Margaret Llewelyn-Davies: changing the world for women

As the Biography’s title suggests, Llewelyn Davies was set on making the world anew through co-operation and collective action. Her aim overall was to bring about political change that improved the lives of working-class women in England, but she was also believed in the importance of international Co-operation. The Russian Revolutionary, Alexandra Kollontai, when visiting a Guild Conference in 1913, was impressed by the radical socialist positions of the women on the pressing class issues of the day. This she said gave the lie to the idea that only factory women could be politicised.

Like all good biographies, this one inspires the reader to look further into the topics covered in the story of the subject’s life that fascinates them. What will solicit many people to keep talking about the book and its subject, however, is the way Cohen brings to life Margaret Llewelyn Davies’ strength of purpose and determination in the face of widespread opposition, within and outside the Cooperative Movement, to give a voice to working class women and their right to “play a part in the Movement and in the wider public world”.

Publishing the ‘voices’ of working women

Llewelyn Davies was, as Cohen says, ahead of her time in seeing ‘life-writing’ by the Guild women as an important component of this influence and how they could tell their stories in their own words. She edited their personal testimonies in two first-hand records of their lives, experiences, and aspirations: ‘No-one but a Woman Knows’ (1915) and ‘Life as We have known it’ (1931). Both provoked a sensation when published.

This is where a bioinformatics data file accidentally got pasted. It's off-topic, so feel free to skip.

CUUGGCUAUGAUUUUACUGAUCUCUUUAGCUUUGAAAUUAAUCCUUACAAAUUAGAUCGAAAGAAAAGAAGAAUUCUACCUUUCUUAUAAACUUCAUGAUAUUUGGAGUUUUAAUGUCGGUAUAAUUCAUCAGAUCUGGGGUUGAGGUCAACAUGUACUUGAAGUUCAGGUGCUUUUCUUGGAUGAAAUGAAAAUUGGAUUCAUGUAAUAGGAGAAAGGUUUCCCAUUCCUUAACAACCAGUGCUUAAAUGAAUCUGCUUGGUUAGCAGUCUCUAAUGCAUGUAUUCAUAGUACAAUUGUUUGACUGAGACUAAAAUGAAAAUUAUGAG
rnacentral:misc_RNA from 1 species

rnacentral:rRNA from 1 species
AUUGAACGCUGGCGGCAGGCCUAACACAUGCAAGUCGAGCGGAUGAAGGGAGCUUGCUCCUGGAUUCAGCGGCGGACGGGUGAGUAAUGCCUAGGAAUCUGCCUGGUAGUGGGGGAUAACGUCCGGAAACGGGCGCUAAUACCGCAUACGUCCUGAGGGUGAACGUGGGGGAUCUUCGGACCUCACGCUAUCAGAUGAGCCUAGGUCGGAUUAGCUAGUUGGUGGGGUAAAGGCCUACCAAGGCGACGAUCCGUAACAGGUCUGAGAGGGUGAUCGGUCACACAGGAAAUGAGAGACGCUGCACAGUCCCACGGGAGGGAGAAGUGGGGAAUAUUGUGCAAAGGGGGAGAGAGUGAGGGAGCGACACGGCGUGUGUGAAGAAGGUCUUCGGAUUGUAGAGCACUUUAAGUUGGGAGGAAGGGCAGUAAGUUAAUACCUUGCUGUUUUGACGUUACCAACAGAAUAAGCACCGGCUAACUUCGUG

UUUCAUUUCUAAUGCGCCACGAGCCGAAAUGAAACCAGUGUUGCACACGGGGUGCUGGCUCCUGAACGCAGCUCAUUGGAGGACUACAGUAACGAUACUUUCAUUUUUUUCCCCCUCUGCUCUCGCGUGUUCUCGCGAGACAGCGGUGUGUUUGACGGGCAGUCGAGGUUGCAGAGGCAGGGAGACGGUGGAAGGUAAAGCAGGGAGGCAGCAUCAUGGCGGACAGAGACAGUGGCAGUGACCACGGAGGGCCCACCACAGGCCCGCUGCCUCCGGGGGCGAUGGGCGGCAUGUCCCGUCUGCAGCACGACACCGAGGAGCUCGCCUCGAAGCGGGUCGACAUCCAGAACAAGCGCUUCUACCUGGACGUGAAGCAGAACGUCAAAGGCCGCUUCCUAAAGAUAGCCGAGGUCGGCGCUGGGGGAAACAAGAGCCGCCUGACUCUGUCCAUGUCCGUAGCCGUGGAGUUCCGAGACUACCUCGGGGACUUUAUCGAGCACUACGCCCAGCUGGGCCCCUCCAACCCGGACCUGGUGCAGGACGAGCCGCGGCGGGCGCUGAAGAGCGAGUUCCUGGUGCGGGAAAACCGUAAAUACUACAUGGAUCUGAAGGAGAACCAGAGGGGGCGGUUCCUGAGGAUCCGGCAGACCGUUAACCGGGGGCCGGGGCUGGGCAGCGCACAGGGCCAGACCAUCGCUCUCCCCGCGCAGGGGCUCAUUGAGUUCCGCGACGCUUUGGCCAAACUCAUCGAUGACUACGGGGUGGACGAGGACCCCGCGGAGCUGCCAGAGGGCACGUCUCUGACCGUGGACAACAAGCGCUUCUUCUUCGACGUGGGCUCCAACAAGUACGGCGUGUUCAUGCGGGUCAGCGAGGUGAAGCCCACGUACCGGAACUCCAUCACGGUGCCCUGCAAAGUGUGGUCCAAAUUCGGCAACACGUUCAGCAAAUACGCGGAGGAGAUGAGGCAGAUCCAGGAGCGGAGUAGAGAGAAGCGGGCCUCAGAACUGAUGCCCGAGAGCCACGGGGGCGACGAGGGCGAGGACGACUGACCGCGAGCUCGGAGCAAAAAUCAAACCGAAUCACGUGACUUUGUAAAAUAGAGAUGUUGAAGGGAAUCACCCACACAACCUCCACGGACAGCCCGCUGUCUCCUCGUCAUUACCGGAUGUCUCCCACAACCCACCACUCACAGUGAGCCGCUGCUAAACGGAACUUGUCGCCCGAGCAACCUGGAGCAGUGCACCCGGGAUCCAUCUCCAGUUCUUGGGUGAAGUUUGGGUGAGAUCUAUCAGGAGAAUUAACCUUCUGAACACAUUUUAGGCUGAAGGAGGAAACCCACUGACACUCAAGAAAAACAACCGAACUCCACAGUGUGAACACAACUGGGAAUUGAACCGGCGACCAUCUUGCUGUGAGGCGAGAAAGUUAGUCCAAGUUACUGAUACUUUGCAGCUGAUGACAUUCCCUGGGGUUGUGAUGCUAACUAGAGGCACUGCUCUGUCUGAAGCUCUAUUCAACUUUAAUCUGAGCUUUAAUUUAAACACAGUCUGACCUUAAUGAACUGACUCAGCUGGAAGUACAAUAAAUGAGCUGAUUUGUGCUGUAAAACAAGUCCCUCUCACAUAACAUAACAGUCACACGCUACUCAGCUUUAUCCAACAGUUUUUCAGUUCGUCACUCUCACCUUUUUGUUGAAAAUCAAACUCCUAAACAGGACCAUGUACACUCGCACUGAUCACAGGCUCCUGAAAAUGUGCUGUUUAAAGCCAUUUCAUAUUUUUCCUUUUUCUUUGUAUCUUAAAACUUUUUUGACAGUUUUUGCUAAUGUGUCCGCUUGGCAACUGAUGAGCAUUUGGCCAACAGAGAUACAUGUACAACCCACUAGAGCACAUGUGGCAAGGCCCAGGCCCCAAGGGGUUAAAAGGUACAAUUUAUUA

While sympathetic and respectful of such achievements, Cohen does not avoid contentious issues associated with her subject. She welcomes the critical insights of prior academic and feminist researchers such as Blaszak (2000), Scott (1989), and Black (1989). But she challenges negative assessments of Llewelyn Davies’s leadership qualities and class collaboration with working class women (Blaszak 2000).

The stage for much of this criticism is set by Virginia Woolf’s uncertainties about Llewelyn Davies’s leadership and her observation in her introductory letter to ‘Life as We Have known It’ that, “the barrier is impassable’ between the classes. There is, however, support for Cohen’s position in that, as Woolf worked closely with the Guild locally, Woolf was moved to a greater understanding of them and appreciation of what Llewelyn Davies achieved through her longstanding rapport which crossed class boundaries.

In this first full-scale biography of Llewelyn Davies, Ruth Cohen manages to organize all these complexities and complications of her life into a coherent and readable account. She is to be congratulated for restoring this remarkable woman to her rightful place in twenty-first century Cooperative and Labour history and for showing the continued relevance of her activism to contemporary socialist feminist theory and practice.

More by Ann Schofield